If the teenaged Fermor was, as he puts it, “politically sleepwalking,” this was a condition that he shared with many in Europe. The alarming portents of Nazism vanish from sight as soon as he crosses the border out of Germany, and its threat does not seem to weigh particularly on anyone’s mind. Instead, his passage through Austria leaves an impression of a nation fixated on the glory of its lost empire, and when he reaches Czechoslovakia he must start to educate himself about the unfamiliar web of resentments in eastern Europe, its countries lacerated by a traumatic history of fluctuating frontiers. The gaze is turned pretty firmly towards the past. However, as a writer in 1977, Fermor can overlay this historical perspective with an ominous foreknowledge of what is to come: the footnotes that pepper the book note the wartime fate of this or that person or town, whether survival or destruction.
As he crosses a continent clearly in rapid transformation, the course of Fermor’s personal development is captured in a subtler but nevertheless lovely way. This is set up by the prologue, written as a letter to one of his literary friends in a spare style unlike the rest of the book, and describing his early years. This portrait of a boy for whom formal schooling catastrophically failed to work out struck a moving chord for me. The proposed journey through Europe is meant to provide an escape from the hopeless cycle. “I wondered,” he says, “whether to enlist a companion; but I knew that the enterprise had to be solitary and the break complete.” Fortunately for Fermor, the adults in his life, including a remarkably understanding mother, support his endeavour and make it a success. Five months into the project, he looks back and reflects, “In the past, I had always arrived on any new scene trailing a long history of misdeeds and disasters. Now the continuity was broken.”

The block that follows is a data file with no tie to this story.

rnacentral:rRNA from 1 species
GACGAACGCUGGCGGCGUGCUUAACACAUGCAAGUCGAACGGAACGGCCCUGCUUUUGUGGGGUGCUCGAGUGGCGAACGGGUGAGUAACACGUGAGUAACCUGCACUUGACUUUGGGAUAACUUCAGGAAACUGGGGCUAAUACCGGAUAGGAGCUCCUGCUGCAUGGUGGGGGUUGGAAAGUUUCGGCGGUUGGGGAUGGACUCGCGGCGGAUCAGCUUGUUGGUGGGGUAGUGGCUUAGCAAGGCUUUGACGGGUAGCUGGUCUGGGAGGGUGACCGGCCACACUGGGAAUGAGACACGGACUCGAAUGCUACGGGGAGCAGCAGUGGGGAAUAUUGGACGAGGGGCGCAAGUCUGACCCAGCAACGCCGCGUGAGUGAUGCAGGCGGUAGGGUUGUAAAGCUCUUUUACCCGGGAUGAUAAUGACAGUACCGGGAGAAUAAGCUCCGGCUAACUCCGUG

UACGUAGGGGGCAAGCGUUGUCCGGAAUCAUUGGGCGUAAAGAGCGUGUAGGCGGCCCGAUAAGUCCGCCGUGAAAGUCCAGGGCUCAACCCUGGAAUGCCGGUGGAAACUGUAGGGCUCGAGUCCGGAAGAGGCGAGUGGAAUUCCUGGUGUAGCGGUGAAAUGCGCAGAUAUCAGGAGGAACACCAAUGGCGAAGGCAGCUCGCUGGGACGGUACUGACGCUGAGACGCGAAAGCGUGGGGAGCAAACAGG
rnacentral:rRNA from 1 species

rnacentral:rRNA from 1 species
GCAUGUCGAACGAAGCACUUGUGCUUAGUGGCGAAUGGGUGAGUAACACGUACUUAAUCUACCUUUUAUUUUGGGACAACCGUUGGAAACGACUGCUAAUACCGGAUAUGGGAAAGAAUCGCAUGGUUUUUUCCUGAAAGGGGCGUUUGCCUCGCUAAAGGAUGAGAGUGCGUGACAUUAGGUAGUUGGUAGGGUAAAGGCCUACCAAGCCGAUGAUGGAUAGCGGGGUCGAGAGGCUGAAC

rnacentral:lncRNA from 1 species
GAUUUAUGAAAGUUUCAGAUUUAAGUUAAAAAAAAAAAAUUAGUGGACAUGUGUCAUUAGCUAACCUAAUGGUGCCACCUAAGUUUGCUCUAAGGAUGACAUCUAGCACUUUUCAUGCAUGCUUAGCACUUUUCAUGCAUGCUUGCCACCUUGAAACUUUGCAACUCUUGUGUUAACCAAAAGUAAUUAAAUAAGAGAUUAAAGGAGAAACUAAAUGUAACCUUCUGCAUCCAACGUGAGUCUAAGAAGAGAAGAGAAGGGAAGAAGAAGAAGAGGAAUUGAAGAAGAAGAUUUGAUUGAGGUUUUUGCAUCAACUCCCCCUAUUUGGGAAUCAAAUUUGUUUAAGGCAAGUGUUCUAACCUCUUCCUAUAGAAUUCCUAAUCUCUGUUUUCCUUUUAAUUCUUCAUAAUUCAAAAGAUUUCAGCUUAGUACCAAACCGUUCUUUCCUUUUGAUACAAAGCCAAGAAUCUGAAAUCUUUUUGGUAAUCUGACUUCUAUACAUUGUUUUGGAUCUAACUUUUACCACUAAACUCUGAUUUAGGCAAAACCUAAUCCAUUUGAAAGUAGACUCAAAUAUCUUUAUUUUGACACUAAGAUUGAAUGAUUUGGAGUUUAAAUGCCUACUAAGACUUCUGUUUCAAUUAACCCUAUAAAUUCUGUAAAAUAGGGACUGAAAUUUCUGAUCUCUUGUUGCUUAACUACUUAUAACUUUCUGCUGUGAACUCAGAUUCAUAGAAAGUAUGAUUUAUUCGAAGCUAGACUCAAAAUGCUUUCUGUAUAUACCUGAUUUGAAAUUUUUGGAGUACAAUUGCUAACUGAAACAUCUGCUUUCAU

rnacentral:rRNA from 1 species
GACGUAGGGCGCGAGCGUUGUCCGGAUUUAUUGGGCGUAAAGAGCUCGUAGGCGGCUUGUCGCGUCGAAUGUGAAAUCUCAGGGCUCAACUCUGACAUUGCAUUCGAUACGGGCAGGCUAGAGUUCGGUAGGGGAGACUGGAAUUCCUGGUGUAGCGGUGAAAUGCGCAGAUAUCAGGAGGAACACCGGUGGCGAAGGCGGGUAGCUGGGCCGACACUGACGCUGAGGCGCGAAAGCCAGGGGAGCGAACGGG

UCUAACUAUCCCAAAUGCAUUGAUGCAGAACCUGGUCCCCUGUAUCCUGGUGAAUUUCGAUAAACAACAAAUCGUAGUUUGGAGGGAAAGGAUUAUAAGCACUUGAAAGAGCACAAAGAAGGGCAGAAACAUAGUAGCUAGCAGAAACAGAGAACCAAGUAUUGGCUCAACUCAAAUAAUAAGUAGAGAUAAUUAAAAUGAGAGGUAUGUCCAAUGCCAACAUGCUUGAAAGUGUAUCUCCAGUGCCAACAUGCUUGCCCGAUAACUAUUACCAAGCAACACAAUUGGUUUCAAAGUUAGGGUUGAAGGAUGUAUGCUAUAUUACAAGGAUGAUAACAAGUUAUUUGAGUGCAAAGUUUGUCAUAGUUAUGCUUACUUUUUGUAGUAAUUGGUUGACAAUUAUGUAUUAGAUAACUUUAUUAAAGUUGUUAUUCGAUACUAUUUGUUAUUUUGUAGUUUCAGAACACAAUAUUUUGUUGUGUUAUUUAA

The excitement of travelling alone for the first time should ring true for anyone who has left their home in search of adventure, but I suspect that something more than freedom and independence is responsible for this new flourishing. Despite his initial resolve, Fermor’s enterprise turns out to be the farthest thing from solitary. To smooth his way, his mother has written to friends on the Continent, asking them to take care of him, and this has a cascading effect as concerned hosts along the way activate their own networks of acquaintances on his behalf. The longer his journey continues, the more likely Fermor is to be sleeping in a stately manor house instead of under a haystack.
I think that I see a line connecting this youthful character with the occasional excessive prose explosions in the book. In 1977 as in 1933, Fermor is exuberant, importunate, and ever so slightly insecure, but in general he doesn’t think to doubt his welcome, from host or reader. Yet the overwhelming tone of the memoir, expressed so aptly in its title, is one of gratefulness. From the innkeeper’s little daughter who gives him an unexpected Christmas present to the family eager to replace his stolen rucksack, Fermor responds to strangers’ generosity with humility, gratitude and, I think, a deepening maturity. Describing one particularly kind baron in Slovakia who lends him books and takes him out rabbit-shooting, Fermor says, “Being told by someone much older to stop calling him Sir ... was a sort of informal investiture with the toga virilis.” It is a human connection that finally ushers him out of a disastrous adolescence and into adulthood.
This humanity is what gives A Time of Gifts the feeling of a timeless encounter and not merely a static portrait of a vanished Europe. My favourite part of the entire book is a sequence in Vienna in which Fermor, temporarily down and out, meets an equally broke tramp in a Salvation Army hostel and with him hatches a money-making scheme: Fermor, with his modest artistic skills, will go door to door in blocks of flats and offer to make sketches of housewives. What follows is a hilarious and warm-hearted tour through the sitting rooms of the Viennese middle class, including a family of circus performers and an expatriate Englishwoman. It took me back to childhood memories of going out on Hallowe’en, in that era when the holiday was less about candy or costume parties than getting a curious peek at the front hallways of our neighbours. In this memoir Fermor gives the reader a similar glimpse of European history, making it as vivid and familiar as our own sitting rooms.--Mary Thaler